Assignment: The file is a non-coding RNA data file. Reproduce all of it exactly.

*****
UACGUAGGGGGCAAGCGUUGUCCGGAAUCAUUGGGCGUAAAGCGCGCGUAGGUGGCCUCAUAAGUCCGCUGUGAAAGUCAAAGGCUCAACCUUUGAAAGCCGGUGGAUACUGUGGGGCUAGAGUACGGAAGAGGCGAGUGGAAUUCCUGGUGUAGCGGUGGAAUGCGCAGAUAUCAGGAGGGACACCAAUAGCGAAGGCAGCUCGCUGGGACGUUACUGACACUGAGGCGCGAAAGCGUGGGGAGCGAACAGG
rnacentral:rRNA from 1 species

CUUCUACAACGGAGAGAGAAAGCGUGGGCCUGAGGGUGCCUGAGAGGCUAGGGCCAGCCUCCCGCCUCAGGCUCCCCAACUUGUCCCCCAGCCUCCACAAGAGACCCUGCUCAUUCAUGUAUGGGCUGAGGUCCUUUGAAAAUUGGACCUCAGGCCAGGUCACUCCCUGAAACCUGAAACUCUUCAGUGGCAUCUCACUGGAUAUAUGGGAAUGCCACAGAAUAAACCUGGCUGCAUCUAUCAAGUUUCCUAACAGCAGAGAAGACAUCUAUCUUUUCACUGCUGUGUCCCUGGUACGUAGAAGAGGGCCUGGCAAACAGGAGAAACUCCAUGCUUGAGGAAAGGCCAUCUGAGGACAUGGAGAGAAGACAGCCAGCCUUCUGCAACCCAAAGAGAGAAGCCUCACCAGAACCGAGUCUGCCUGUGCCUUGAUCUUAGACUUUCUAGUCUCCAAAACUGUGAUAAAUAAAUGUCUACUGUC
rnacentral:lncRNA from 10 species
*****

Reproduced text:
UACGUAGGGGGCAAGCGUUGUCCGGAAUCAUUGGGCGUAAAGCGCGCGUAGGUGGCCUCAUAAGUCCGCUGUGAAAGUCAAAGGCUCAACCUUUGAAAGCCGGUGGAUACUGUGGGGCUAGAGUACGGAAGAGGCGAGUGGAAUUCCUGGUGUAGCGGUGGAAUGCGCAGAUAUCAGGAGGGACACCAAUAGCGAAGGCAGCUCGCUGGGACGUUACUGACACUGAGGCGCGAAAGCGUGGGGAGCGAACAGG
rnacentral:rRNA from 1 species

CUUCUACAACGGAGAGAGAAAGCGUGGGCCUGAGGGUGCCUGAGAGGCUAGGGCCAGCCUCCCGCCUCAGGCUCCCCAACUUGUCCCCCAGCCUCCACAAGAGACCCUGCUCAUUCAUGUAUGGGCUGAGGUCCUUUGAAAAUUGGACCUCAGGCCAGGUCACUCCCUGAAACCUGAAACUCUUCAGUGGCAUCUCACUGGAUAUAUGGGAAUGCCACAGAAUAAACCUGGCUGCAUCUAUCAAGUUUCCUAACAGCAGAGAAGACAUCUAUCUUUUCACUGCUGUGUCCCUGGUACGUAGAAGAGGGCCUGGCAAACAGGAGAAACUCCAUGCUUGAGGAAAGGCCAUCUGAGGACAUGGAGAGAAGACAGCCAGCCUUCUGCAACCCAAAGAGAGAAGCCUCACCAGAACCGAGUCUGCCUGUGCCUUGAUCUUAGACUUUCUAGUCUCCAAAACUGUGAUAAAUAAAUGUCUACUGUC
rnacentral:lncRNA from 10 species